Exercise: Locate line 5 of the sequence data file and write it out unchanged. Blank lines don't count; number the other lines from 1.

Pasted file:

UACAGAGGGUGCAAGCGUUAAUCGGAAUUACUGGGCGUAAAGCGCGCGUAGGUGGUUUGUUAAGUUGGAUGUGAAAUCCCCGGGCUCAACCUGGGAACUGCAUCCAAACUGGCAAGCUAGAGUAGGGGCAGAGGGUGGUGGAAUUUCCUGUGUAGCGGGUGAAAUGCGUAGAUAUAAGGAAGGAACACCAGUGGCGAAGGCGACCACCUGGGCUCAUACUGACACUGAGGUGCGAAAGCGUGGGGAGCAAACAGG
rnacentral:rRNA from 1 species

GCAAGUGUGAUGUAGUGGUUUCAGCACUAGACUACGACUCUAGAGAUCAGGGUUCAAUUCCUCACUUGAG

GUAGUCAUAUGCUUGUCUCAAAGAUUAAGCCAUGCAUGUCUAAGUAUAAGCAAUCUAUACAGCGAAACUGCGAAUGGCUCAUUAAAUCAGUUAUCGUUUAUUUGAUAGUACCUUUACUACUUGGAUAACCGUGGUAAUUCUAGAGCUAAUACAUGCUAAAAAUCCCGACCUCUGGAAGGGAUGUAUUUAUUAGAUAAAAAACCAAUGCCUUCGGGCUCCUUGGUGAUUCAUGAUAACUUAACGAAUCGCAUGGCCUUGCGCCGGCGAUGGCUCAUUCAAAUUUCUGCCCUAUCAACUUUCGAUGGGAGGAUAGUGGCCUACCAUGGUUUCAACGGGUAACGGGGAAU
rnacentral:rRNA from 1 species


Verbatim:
rnacentral:rRNA from 1 species